We've had spectacular weather the last couple of days. The nice thing about homeschooling is that we've been able to juggle our schedule so the kids can take advantage of the 75 degree sunshine. My wife had them knuckle down and do as much work as possible before 11:30 am each day...and then they got to run around and burn off a winter's worth of energy until dinner. Any school work they don't get done, they finish up in the evening after the sun goes down.
This evening, the weather started to turn. We had very strong winds out of the NE, and the temperature dropped. As I was walking in from my office, I noticed something odd: the high winds had blown the ashes off the remains of the fire I'd built to burn Tessa's body --- and there was a whole layer of coals burning bright red in the wind.
It's been three full days since I built that fire, and there's still something left. Amazing. And kind of consoling, in an unexpected way. Not to get too sentimental, but it struck me as a sign that in a small way, Tessa is still here with us. Never thought the sight of glowing embers would give me such comfort, but they did. I don't feel so alone now.
A friend sent a condolence note, and added that he really liked Tessa's "Viking Sendoff." She deserved it, he said. And his "Viking Sendoff" phrase couldn't help but make me smile.
He mentioned how much he still misses some of the dogs he grew up with, and said he still has an image in his head of those dogs running to greet him at the end of this life. I like that image, and can easily imagine Tessa and Cassie coming to meet me at the Pearly Gates.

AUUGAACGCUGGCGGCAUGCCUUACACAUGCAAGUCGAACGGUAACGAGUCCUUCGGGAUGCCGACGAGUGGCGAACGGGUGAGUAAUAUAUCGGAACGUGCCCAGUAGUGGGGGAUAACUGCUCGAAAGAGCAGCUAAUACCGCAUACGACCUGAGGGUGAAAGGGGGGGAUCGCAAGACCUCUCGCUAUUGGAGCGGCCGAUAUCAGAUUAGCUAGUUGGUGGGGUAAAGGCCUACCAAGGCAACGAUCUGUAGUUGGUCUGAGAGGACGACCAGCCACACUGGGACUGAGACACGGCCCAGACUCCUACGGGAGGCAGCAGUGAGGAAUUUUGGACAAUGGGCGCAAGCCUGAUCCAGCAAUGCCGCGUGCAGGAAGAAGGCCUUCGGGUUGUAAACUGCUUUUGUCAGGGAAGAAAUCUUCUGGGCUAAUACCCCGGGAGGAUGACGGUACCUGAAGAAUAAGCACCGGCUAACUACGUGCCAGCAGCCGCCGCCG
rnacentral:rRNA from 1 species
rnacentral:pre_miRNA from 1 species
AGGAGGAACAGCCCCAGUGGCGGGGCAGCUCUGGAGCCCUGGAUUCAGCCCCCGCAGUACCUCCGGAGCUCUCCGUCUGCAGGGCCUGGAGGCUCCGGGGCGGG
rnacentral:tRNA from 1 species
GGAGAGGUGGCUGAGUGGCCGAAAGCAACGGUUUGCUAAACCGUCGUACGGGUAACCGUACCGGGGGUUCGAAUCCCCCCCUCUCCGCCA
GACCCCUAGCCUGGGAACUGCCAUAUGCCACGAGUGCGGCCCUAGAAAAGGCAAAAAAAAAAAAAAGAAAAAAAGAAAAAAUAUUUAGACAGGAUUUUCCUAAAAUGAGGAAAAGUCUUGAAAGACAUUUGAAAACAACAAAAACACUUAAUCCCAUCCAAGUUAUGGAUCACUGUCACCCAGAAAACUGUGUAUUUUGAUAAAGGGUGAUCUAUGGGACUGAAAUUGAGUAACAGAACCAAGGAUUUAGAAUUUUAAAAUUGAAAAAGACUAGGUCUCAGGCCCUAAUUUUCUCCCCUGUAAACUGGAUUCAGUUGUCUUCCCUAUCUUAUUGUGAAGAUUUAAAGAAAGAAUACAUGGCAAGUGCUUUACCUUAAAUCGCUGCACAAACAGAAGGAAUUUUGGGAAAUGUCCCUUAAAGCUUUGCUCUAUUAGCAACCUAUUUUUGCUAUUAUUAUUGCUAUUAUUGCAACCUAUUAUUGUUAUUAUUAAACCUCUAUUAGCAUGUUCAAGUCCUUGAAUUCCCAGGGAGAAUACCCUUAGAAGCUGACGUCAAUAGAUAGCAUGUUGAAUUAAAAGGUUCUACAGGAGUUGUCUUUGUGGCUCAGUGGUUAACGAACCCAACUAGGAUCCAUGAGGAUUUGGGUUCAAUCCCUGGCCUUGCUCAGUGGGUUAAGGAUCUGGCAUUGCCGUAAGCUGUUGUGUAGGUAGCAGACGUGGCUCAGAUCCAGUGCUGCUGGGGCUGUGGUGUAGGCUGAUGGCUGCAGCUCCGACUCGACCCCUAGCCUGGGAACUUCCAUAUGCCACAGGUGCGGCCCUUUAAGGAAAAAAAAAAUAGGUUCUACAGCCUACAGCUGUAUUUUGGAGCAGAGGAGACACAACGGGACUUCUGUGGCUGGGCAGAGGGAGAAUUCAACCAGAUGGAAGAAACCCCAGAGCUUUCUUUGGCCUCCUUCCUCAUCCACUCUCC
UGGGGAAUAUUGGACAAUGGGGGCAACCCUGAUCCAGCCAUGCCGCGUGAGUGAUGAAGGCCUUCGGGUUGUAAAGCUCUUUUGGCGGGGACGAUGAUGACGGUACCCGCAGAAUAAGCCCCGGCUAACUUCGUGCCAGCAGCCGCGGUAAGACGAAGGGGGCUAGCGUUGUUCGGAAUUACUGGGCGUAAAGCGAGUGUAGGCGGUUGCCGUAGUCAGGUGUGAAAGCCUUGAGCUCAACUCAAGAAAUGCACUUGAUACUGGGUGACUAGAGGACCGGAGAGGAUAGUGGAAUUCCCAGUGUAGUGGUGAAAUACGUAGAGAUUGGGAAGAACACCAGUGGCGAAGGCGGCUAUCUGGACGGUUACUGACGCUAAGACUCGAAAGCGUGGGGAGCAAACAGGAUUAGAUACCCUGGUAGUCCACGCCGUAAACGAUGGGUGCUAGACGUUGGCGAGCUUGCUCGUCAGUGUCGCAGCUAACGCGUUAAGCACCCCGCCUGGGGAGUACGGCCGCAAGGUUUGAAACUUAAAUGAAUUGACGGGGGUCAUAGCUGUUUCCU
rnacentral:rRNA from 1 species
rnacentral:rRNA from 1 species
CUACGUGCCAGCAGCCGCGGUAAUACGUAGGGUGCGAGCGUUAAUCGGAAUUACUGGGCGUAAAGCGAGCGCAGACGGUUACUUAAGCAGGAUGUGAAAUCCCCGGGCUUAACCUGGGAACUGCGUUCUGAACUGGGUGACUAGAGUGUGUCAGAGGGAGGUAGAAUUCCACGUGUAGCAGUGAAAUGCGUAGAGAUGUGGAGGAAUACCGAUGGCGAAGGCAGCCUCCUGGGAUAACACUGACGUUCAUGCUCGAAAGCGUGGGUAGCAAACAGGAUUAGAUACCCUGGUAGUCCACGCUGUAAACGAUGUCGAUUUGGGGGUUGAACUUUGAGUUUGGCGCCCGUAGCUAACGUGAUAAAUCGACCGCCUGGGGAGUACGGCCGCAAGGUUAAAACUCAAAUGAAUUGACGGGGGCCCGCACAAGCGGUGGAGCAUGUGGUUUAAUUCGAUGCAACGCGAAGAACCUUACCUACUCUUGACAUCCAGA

But will they? My wife and I have worked hard to teach our children the distinction between people and animals --- and the kids are very clear about that. They don't sentimentalize the livestock, and actually look forward to butchering day. "Animals don't get to go to heaven," my wife has told them repeatedly, "because they don't have human souls."
Theologically, she's probably right. But I still like to speculate about something a little different---something a very holy priest once told me, that his mother had told him when he was a boy. When he'd asked her if the family dog would be with them in heaven, she'd given a very sage response: "If it will make you happier."
Part of me likes to picture Tessa and Cassie in heaven with us, making us even happier than we otherwise would have been, even if they with their canine souls never got to appreciate what a wonderful place it is. But, more than that, I like to think that heaven will be so good, and we will be so filled with happiness at seeing God as he is and reuniting with our families...that we won't even notice that the dogs aren't there to join us.